Why Karate?

I come to you with only Karate, Empty Hands.

I have no weapons, but should I be forced to defend myself, my principles, or my honor,

should it be a matter of life or death, of right or wrong, then here are my weapons, Karate, my Empty Hands.


Above All!


Karate is not an easy art. But it is an art. And like any art the more you put into it, the more it will repay you.

Karate enriches you physically, mentally and spiritually—developing your body, your mind and your character.

Especially at the JKA.

What is Karate-do?

Kara is the Japanese word for empty while te means hand and do translates as the way, or path. So Karate-do is The Way of the Empty Hand. It is a martial art in which the ultimate purpose is not to seek to win, but to work towards perfection of character, self-control and self-discipline by the accumulation of experience through training. It is also a form of self-defence using all parts of the body which, by hard and systematic training, become effective and powerful weapons. Karate encompasses whole body movements which develop balance, flexibility, co-ordination, speed and power. This is achieved through the constant practice of the basic movements (Kihon) which, due to their variety and complexity, can be considered as a complete art form themselves.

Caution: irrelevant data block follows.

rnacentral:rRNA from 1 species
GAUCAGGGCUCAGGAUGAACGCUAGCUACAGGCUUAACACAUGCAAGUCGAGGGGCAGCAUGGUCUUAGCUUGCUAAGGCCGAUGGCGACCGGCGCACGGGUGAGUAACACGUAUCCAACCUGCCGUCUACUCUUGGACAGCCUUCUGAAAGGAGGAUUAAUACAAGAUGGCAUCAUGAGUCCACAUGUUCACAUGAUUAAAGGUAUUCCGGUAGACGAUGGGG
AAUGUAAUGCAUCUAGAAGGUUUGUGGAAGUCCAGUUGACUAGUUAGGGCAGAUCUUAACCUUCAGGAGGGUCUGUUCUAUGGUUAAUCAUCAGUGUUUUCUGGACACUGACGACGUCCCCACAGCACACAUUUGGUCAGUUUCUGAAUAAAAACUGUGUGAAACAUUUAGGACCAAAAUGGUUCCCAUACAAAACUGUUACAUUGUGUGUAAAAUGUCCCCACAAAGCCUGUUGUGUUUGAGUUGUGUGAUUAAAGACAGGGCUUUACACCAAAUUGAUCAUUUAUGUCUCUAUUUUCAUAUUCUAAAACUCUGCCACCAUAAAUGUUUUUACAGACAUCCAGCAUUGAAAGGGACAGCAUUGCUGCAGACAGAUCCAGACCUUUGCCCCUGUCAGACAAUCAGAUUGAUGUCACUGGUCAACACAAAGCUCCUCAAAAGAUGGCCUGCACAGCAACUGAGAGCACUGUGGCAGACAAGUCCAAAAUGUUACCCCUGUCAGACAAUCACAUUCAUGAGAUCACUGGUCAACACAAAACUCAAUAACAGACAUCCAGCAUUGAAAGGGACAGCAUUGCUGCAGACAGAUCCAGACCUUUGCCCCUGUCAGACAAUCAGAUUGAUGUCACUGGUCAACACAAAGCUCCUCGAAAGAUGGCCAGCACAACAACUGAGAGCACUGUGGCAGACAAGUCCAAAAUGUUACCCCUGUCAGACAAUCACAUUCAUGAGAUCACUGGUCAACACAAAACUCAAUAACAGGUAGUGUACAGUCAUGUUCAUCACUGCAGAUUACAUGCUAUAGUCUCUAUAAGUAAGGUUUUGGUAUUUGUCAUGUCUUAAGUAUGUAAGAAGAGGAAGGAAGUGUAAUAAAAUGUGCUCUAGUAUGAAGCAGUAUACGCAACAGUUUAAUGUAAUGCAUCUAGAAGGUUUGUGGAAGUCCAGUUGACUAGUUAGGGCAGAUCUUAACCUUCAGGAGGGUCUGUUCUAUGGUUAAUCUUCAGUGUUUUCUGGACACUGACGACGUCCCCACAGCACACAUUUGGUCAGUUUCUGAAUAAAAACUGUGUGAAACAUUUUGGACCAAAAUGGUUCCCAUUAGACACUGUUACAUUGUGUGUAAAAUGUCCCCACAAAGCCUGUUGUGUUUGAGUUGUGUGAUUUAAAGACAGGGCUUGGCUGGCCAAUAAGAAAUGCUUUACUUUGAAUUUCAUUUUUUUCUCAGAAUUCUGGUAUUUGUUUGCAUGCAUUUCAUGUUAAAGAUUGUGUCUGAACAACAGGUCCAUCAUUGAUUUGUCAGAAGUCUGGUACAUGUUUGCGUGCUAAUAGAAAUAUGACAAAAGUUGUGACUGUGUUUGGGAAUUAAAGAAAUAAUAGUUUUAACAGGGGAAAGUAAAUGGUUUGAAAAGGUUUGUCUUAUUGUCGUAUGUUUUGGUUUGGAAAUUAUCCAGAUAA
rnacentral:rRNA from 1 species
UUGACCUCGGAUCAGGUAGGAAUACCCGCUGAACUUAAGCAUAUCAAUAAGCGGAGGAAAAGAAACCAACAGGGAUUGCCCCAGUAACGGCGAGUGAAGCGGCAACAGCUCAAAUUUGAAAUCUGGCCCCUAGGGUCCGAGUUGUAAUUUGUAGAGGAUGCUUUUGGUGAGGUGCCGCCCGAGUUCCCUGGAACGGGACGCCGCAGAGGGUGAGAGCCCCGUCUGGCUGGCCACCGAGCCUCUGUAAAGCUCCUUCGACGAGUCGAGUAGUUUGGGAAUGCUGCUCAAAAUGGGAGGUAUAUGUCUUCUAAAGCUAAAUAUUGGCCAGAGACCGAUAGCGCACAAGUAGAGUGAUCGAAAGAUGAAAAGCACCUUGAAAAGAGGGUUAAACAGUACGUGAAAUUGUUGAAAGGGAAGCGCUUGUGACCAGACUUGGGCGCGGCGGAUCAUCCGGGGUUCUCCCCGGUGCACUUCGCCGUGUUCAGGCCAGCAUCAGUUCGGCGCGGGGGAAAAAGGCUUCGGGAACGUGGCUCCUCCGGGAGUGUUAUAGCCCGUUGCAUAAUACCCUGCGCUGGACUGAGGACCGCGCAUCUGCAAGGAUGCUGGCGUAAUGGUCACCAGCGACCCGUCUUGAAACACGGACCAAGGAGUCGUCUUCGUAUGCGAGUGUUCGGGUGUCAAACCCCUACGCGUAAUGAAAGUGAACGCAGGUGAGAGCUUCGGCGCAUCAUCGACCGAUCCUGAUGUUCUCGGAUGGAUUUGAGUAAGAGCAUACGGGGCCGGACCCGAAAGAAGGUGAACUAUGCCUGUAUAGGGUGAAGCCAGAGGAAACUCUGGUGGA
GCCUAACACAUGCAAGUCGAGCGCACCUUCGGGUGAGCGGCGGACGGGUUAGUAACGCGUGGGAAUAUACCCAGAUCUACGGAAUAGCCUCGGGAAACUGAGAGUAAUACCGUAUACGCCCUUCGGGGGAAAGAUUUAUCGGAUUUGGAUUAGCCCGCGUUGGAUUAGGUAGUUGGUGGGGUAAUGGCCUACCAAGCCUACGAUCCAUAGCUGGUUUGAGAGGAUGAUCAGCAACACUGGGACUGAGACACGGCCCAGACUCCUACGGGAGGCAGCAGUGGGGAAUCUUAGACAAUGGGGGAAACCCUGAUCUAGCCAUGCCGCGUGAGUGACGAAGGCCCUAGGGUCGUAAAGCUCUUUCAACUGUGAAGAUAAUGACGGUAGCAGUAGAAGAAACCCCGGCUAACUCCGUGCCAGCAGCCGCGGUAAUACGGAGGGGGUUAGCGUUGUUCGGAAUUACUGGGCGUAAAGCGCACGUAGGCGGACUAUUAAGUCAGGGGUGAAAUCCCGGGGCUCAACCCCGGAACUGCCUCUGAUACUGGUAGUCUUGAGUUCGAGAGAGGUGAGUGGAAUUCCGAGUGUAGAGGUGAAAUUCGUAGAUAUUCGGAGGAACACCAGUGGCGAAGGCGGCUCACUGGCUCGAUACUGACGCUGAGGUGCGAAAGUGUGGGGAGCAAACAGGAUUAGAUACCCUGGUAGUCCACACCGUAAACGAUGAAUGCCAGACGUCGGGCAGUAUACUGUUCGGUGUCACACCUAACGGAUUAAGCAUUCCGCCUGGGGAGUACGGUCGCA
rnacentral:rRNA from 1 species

What is Shotokan Karate?

Shotokan Karate originated in Okinawa, a small island south of Japan. It was popularized in Japan by Gichin Funakoshi in the 1950s.
Shotokan Karate is a traditional martial art. This means that improvements in character and mental discipline are as important as physical skill, if not more so. Shotokan Karate is meant to be accessible to all, including, women, children, and those without great athletic ability. JKA Kuwait Dojo offers a caring, safe environment where everyone can learn the art of karate. Its practice leads to:

• Muscular and Aerobic fitness
• Body alignment, balance and movement
• Increased perceptual awareness
• Stress management
• Concentration, confidence and discipline

Shotokan Karate is a traditional Japanese style of Karate. It combines both mental and physical training to refine the character of its students. Karate means "empty hand" as translated from its Chinese characters. As a result, Karate uses no weapons in its training, relying on the hands, feet, and body of its participants.